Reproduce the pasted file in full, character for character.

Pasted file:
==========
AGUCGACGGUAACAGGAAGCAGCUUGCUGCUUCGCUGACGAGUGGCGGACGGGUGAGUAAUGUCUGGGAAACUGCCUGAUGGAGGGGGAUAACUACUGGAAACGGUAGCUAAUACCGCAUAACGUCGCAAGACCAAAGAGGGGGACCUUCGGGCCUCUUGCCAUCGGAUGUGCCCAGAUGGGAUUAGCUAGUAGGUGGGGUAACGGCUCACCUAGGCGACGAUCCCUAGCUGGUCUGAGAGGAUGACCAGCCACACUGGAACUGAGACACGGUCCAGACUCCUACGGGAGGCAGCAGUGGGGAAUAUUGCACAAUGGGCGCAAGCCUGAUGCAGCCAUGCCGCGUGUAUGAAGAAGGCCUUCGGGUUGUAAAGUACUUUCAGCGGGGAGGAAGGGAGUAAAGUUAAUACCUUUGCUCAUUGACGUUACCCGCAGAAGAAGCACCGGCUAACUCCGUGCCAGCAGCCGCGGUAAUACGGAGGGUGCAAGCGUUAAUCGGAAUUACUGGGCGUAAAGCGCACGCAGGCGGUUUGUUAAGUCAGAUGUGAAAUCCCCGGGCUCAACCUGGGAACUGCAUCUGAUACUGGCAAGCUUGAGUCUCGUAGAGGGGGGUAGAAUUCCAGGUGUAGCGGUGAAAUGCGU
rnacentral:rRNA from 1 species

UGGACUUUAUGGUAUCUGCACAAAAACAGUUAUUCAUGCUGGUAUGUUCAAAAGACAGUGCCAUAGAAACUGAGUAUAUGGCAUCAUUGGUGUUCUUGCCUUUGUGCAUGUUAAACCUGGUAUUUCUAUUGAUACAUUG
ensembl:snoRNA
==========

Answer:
AGUCGACGGUAACAGGAAGCAGCUUGCUGCUUCGCUGACGAGUGGCGGACGGGUGAGUAAUGUCUGGGAAACUGCCUGAUGGAGGGGGAUAACUACUGGAAACGGUAGCUAAUACCGCAUAACGUCGCAAGACCAAAGAGGGGGACCUUCGGGCCUCUUGCCAUCGGAUGUGCCCAGAUGGGAUUAGCUAGUAGGUGGGGUAACGGCUCACCUAGGCGACGAUCCCUAGCUGGUCUGAGAGGAUGACCAGCCACACUGGAACUGAGACACGGUCCAGACUCCUACGGGAGGCAGCAGUGGGGAAUAUUGCACAAUGGGCGCAAGCCUGAUGCAGCCAUGCCGCGUGUAUGAAGAAGGCCUUCGGGUUGUAAAGUACUUUCAGCGGGGAGGAAGGGAGUAAAGUUAAUACCUUUGCUCAUUGACGUUACCCGCAGAAGAAGCACCGGCUAACUCCGUGCCAGCAGCCGCGGUAAUACGGAGGGUGCAAGCGUUAAUCGGAAUUACUGGGCGUAAAGCGCACGCAGGCGGUUUGUUAAGUCAGAUGUGAAAUCCCCGGGCUCAACCUGGGAACUGCAUCUGAUACUGGCAAGCUUGAGUCUCGUAGAGGGGGGUAGAAUUCCAGGUGUAGCGGUGAAAUGCGU
rnacentral:rRNA from 1 species

UGGACUUUAUGGUAUCUGCACAAAAACAGUUAUUCAUGCUGGUAUGUUCAAAAGACAGUGCCAUAGAAACUGAGUAUAUGGCAUCAUUGGUGUUCUUGCCUUUGUGCAUGUUAAACCUGGUAUUUCUAUUGAUACAUUG
ensembl:snoRNA